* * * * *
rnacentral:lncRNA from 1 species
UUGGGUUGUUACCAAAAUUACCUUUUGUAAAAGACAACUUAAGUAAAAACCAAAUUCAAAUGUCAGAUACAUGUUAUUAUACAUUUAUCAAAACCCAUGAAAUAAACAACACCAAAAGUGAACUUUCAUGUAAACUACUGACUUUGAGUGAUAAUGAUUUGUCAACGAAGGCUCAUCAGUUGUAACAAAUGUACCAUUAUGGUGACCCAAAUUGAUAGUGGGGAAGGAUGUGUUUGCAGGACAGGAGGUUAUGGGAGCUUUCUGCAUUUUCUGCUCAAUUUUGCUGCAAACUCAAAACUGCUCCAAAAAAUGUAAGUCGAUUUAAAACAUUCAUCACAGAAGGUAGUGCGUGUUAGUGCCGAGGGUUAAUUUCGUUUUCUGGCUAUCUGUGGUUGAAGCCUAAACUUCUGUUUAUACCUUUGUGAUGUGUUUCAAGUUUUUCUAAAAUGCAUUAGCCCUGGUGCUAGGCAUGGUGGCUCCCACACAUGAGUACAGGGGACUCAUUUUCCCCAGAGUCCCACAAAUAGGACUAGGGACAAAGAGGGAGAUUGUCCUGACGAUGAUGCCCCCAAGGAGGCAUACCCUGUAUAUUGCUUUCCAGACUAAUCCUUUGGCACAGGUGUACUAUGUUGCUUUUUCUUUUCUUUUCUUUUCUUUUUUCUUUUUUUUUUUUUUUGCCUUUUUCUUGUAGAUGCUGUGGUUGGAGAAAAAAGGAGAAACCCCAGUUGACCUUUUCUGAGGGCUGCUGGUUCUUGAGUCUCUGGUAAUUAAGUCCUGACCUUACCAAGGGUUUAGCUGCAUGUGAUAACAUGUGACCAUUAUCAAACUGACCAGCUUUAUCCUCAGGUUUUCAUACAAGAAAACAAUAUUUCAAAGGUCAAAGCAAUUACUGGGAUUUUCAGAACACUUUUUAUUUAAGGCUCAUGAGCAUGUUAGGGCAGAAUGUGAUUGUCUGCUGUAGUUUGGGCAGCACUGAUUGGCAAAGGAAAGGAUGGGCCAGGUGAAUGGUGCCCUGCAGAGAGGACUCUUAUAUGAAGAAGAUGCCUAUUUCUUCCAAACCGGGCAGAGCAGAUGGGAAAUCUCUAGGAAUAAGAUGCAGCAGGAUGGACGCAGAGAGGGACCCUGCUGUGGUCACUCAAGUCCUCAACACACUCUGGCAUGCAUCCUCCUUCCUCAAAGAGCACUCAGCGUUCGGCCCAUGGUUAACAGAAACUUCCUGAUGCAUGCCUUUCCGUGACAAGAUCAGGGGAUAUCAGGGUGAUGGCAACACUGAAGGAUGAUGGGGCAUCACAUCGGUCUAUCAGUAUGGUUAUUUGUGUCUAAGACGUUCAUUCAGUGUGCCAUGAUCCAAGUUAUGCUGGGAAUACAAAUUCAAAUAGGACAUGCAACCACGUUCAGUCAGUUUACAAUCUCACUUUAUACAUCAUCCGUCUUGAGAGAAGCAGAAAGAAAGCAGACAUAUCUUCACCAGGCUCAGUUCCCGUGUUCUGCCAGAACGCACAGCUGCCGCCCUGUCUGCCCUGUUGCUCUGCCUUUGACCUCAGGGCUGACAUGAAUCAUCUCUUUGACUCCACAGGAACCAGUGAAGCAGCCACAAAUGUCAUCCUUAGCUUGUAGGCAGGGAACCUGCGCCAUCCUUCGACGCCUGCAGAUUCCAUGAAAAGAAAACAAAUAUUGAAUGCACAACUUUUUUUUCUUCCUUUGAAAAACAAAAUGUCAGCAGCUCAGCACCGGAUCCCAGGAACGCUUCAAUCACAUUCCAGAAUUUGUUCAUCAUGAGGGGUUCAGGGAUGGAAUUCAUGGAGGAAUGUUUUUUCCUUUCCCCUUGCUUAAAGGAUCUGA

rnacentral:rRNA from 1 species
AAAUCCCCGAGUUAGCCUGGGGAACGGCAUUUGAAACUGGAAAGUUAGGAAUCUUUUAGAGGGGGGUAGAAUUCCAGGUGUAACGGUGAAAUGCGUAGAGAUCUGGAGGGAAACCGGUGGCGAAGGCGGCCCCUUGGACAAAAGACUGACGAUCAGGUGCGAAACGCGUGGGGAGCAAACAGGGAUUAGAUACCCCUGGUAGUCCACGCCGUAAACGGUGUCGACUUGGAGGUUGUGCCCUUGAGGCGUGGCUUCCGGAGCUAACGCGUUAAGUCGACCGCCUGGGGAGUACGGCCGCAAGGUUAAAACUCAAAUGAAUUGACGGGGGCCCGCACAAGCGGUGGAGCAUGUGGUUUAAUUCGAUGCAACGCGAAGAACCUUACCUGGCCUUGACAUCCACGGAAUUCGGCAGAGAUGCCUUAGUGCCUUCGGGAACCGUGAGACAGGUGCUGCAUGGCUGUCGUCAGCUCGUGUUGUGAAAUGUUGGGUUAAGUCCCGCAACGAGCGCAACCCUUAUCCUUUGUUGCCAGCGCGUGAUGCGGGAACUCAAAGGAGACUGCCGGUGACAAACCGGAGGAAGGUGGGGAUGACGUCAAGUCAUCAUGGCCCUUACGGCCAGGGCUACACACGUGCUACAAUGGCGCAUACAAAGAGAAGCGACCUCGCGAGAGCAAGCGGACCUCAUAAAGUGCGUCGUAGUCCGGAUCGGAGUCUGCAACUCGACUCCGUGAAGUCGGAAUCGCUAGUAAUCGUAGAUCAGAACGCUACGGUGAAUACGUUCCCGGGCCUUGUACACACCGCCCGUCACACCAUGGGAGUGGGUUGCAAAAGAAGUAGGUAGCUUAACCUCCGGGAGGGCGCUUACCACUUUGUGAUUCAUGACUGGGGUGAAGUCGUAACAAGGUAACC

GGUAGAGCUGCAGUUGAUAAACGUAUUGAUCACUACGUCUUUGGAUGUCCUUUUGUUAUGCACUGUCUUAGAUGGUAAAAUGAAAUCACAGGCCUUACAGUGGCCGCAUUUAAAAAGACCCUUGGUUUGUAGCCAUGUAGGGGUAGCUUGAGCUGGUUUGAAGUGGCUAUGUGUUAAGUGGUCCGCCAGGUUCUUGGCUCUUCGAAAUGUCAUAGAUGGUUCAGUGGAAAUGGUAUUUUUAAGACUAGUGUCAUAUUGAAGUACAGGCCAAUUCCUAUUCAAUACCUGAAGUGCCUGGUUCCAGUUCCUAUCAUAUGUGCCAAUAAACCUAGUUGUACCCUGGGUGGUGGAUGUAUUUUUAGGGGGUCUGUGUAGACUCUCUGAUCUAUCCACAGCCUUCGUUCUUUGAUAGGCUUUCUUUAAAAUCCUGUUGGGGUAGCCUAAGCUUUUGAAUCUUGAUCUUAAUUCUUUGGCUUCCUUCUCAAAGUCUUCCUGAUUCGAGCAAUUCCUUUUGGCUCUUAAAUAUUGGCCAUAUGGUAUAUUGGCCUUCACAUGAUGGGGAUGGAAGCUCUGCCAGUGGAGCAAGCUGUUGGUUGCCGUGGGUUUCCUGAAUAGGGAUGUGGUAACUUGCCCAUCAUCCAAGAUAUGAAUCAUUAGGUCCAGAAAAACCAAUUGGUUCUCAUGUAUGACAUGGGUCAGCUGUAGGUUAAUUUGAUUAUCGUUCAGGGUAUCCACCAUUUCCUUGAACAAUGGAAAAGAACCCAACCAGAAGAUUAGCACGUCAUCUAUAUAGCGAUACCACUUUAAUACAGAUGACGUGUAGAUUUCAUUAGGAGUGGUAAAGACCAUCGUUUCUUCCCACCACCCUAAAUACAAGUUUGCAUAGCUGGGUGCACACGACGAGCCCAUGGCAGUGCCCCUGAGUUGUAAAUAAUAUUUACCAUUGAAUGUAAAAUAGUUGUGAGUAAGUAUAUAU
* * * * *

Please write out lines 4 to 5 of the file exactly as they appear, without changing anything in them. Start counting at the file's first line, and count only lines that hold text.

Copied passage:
AAAUCCCCGAGUUAGCCUGGGGAACGGCAUUUGAAACUGGAAAGUUAGGAAUCUUUUAGAGGGGGGUAGAAUUCCAGGUGUAACGGUGAAAUGCGUAGAGAUCUGGAGGGAAACCGGUGGCGAAGGCGGCCCCUUGGACAAAAGACUGACGAUCAGGUGCGAAACGCGUGGGGAGCAAACAGGGAUUAGAUACCCCUGGUAGUCCACGCCGUAAACGGUGUCGACUUGGAGGUUGUGCCCUUGAGGCGUGGCUUCCGGAGCUAACGCGUUAAGUCGACCGCCUGGGGAGUACGGCCGCAAGGUUAAAACUCAAAUGAAUUGACGGGGGCCCGCACAAGCGGUGGAGCAUGUGGUUUAAUUCGAUGCAACGCGAAGAACCUUACCUGGCCUUGACAUCCACGGAAUUCGGCAGAGAUGCCUUAGUGCCUUCGGGAACCGUGAGACAGGUGCUGCAUGGCUGUCGUCAGCUCGUGUUGUGAAAUGUUGGGUUAAGUCCCGCAACGAGCGCAACCCUUAUCCUUUGUUGCCAGCGCGUGAUGCGGGAACUCAAAGGAGACUGCCGGUGACAAACCGGAGGAAGGUGGGGAUGACGUCAAGUCAUCAUGGCCCUUACGGCCAGGGCUACACACGUGCUACAAUGGCGCAUACAAAGAGAAGCGACCUCGCGAGAGCAAGCGGACCUCAUAAAGUGCGUCGUAGUCCGGAUCGGAGUCUGCAACUCGACUCCGUGAAGUCGGAAUCGCUAGUAAUCGUAGAUCAGAACGCUACGGUGAAUACGUUCCCGGGCCUUGUACACACCGCCCGUCACACCAUGGGAGUGGGUUGCAAAAGAAGUAGGUAGCUUAACCUCCGGGAGGGCGCUUACCACUUUGUGAUUCAUGACUGGGGUGAAGUCGUAACAAGGUAACC

GGUAGAGCUGCAGUUGAUAAACGUAUUGAUCACUACGUCUUUGGAUGUCCUUUUGUUAUGCACUGUCUUAGAUGGUAAAAUGAAAUCACAGGCCUUACAGUGGCCGCAUUUAAAAAGACCCUUGGUUUGUAGCCAUGUAGGGGUAGCUUGAGCUGGUUUGAAGUGGCUAUGUGUUAAGUGGUCCGCCAGGUUCUUGGCUCUUCGAAAUGUCAUAGAUGGUUCAGUGGAAAUGGUAUUUUUAAGACUAGUGUCAUAUUGAAGUACAGGCCAAUUCCUAUUCAAUACCUGAAGUGCCUGGUUCCAGUUCCUAUCAUAUGUGCCAAUAAACCUAGUUGUACCCUGGGUGGUGGAUGUAUUUUUAGGGGGUCUGUGUAGACUCUCUGAUCUAUCCACAGCCUUCGUUCUUUGAUAGGCUUUCUUUAAAAUCCUGUUGGGGUAGCCUAAGCUUUUGAAUCUUGAUCUUAAUUCUUUGGCUUCCUUCUCAAAGUCUUCCUGAUUCGAGCAAUUCCUUUUGGCUCUUAAAUAUUGGCCAUAUGGUAUAUUGGCCUUCACAUGAUGGGGAUGGAAGCUCUGCCAGUGGAGCAAGCUGUUGGUUGCCGUGGGUUUCCUGAAUAGGGAUGUGGUAACUUGCCCAUCAUCCAAGAUAUGAAUCAUUAGGUCCAGAAAAACCAAUUGGUUCUCAUGUAUGACAUGGGUCAGCUGUAGGUUAAUUUGAUUAUCGUUCAGGGUAUCCACCAUUUCCUUGAACAAUGGAAAAGAACCCAACCAGAAGAUUAGCACGUCAUCUAUAUAGCGAUACCACUUUAAUACAGAUGACGUGUAGAUUUCAUUAGGAGUGGUAAAGACCAUCGUUUCUUCCCACCACCCUAAAUACAAGUUUGCAUAGCUGGGUGCACACGACGAGCCCAUGGCAGUGCCCCUGAGUUGUAAAUAAUAUUUACCAUUGAAUGUAAAAUAGUUGUGAGUAAGUAUAUAU